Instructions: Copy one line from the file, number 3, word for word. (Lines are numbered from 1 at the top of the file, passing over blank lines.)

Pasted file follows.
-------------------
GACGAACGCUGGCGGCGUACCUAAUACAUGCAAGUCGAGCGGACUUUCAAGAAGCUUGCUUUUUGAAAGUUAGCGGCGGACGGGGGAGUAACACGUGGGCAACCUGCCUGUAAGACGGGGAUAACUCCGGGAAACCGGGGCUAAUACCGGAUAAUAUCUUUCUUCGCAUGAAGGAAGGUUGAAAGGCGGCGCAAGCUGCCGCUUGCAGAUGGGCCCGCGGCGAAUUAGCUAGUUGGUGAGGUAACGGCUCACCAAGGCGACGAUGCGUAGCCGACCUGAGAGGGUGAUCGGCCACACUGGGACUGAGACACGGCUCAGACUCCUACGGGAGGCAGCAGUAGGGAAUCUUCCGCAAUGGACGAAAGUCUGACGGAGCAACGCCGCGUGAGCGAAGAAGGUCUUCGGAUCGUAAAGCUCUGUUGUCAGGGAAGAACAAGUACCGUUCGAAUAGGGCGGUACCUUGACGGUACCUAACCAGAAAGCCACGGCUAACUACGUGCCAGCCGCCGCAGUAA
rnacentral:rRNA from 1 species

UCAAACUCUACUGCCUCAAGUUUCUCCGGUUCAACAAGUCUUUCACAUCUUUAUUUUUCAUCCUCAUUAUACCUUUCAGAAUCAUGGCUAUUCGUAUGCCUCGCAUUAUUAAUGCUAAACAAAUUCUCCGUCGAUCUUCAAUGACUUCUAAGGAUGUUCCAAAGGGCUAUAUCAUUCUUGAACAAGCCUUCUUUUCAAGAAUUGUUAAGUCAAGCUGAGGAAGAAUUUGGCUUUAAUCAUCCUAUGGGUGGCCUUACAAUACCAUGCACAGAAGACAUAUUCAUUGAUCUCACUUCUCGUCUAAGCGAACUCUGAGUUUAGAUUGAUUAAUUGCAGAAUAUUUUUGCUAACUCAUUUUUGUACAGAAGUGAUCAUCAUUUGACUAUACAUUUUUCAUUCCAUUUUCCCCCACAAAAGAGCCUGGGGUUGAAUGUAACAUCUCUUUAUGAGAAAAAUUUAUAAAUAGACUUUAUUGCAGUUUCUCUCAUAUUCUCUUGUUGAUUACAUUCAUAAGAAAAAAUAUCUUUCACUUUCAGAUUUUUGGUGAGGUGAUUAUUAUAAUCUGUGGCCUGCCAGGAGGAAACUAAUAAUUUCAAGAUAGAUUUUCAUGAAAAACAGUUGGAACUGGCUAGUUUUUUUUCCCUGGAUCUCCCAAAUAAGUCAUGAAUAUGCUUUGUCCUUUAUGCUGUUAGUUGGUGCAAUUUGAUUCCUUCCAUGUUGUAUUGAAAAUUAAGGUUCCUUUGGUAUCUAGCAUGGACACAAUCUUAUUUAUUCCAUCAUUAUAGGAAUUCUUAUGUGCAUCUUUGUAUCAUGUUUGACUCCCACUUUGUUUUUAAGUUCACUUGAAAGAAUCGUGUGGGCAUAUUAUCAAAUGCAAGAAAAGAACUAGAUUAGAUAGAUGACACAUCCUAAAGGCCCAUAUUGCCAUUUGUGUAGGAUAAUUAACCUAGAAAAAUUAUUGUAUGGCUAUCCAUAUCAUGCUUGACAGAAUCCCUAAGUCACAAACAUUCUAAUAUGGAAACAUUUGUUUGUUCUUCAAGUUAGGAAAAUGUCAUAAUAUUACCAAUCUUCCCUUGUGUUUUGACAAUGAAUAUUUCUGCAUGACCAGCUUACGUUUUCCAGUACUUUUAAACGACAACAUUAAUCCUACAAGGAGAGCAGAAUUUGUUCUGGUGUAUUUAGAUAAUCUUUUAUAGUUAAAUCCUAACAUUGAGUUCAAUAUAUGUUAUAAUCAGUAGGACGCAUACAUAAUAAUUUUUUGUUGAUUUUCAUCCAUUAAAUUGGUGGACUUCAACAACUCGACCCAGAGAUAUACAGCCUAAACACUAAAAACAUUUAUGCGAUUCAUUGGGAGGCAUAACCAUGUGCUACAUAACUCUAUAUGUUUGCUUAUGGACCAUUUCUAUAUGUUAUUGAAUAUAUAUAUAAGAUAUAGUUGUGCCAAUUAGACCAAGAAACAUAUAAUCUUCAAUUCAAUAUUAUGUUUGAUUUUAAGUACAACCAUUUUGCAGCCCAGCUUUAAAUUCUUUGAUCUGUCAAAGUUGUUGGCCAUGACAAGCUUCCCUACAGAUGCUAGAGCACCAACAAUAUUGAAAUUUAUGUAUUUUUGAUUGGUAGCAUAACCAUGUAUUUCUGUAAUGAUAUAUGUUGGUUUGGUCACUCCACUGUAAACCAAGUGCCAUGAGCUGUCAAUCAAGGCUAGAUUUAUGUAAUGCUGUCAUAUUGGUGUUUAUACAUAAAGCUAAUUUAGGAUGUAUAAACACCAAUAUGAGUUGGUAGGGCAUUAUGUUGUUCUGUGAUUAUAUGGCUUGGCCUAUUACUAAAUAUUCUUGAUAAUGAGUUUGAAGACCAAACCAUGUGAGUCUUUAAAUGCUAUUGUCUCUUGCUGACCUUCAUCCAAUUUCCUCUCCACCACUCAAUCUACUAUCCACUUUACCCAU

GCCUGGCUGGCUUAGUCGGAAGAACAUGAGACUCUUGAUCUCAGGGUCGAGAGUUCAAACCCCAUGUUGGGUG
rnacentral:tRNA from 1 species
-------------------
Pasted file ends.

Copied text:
UCAAACUCUACUGCCUCAAGUUUCUCCGGUUCAACAAGUCUUUCACAUCUUUAUUUUUCAUCCUCAUUAUACCUUUCAGAAUCAUGGCUAUUCGUAUGCCUCGCAUUAUUAAUGCUAAACAAAUUCUCCGUCGAUCUUCAAUGACUUCUAAGGAUGUUCCAAAGGGCUAUAUCAUUCUUGAACAAGCCUUCUUUUCAAGAAUUGUUAAGUCAAGCUGAGGAAGAAUUUGGCUUUAAUCAUCCUAUGGGUGGCCUUACAAUACCAUGCACAGAAGACAUAUUCAUUGAUCUCACUUCUCGUCUAAGCGAACUCUGAGUUUAGAUUGAUUAAUUGCAGAAUAUUUUUGCUAACUCAUUUUUGUACAGAAGUGAUCAUCAUUUGACUAUACAUUUUUCAUUCCAUUUUCCCCCACAAAAGAGCCUGGGGUUGAAUGUAACAUCUCUUUAUGAGAAAAAUUUAUAAAUAGACUUUAUUGCAGUUUCUCUCAUAUUCUCUUGUUGAUUACAUUCAUAAGAAAAAAUAUCUUUCACUUUCAGAUUUUUGGUGAGGUGAUUAUUAUAAUCUGUGGCCUGCCAGGAGGAAACUAAUAAUUUCAAGAUAGAUUUUCAUGAAAAACAGUUGGAACUGGCUAGUUUUUUUUCCCUGGAUCUCCCAAAUAAGUCAUGAAUAUGCUUUGUCCUUUAUGCUGUUAGUUGGUGCAAUUUGAUUCCUUCCAUGUUGUAUUGAAAAUUAAGGUUCCUUUGGUAUCUAGCAUGGACACAAUCUUAUUUAUUCCAUCAUUAUAGGAAUUCUUAUGUGCAUCUUUGUAUCAUGUUUGACUCCCACUUUGUUUUUAAGUUCACUUGAAAGAAUCGUGUGGGCAUAUUAUCAAAUGCAAGAAAAGAACUAGAUUAGAUAGAUGACACAUCCUAAAGGCCCAUAUUGCCAUUUGUGUAGGAUAAUUAACCUAGAAAAAUUAUUGUAUGGCUAUCCAUAUCAUGCUUGACAGAAUCCCUAAGUCACAAACAUUCUAAUAUGGAAACAUUUGUUUGUUCUUCAAGUUAGGAAAAUGUCAUAAUAUUACCAAUCUUCCCUUGUGUUUUGACAAUGAAUAUUUCUGCAUGACCAGCUUACGUUUUCCAGUACUUUUAAACGACAACAUUAAUCCUACAAGGAGAGCAGAAUUUGUUCUGGUGUAUUUAGAUAAUCUUUUAUAGUUAAAUCCUAACAUUGAGUUCAAUAUAUGUUAUAAUCAGUAGGACGCAUACAUAAUAAUUUUUUGUUGAUUUUCAUCCAUUAAAUUGGUGGACUUCAACAACUCGACCCAGAGAUAUACAGCCUAAACACUAAAAACAUUUAUGCGAUUCAUUGGGAGGCAUAACCAUGUGCUACAUAACUCUAUAUGUUUGCUUAUGGACCAUUUCUAUAUGUUAUUGAAUAUAUAUAUAAGAUAUAGUUGUGCCAAUUAGACCAAGAAACAUAUAAUCUUCAAUUCAAUAUUAUGUUUGAUUUUAAGUACAACCAUUUUGCAGCCCAGCUUUAAAUUCUUUGAUCUGUCAAAGUUGUUGGCCAUGACAAGCUUCCCUACAGAUGCUAGAGCACCAACAAUAUUGAAAUUUAUGUAUUUUUGAUUGGUAGCAUAACCAUGUAUUUCUGUAAUGAUAUAUGUUGGUUUGGUCACUCCACUGUAAACCAAGUGCCAUGAGCUGUCAAUCAAGGCUAGAUUUAUGUAAUGCUGUCAUAUUGGUGUUUAUACAUAAAGCUAAUUUAGGAUGUAUAAACACCAAUAUGAGUUGGUAGGGCAUUAUGUUGUUCUGUGAUUAUAUGGCUUGGCCUAUUACUAAAUAUUCUUGAUAAUGAGUUUGAAGACCAAACCAUGUGAGUCUUUAAAUGCUAUUGUCUCUUGCUGACCUUCAUCCAAUUUCCUCUCCACCACUCAAUCUACUAUCCACUUUACCCAU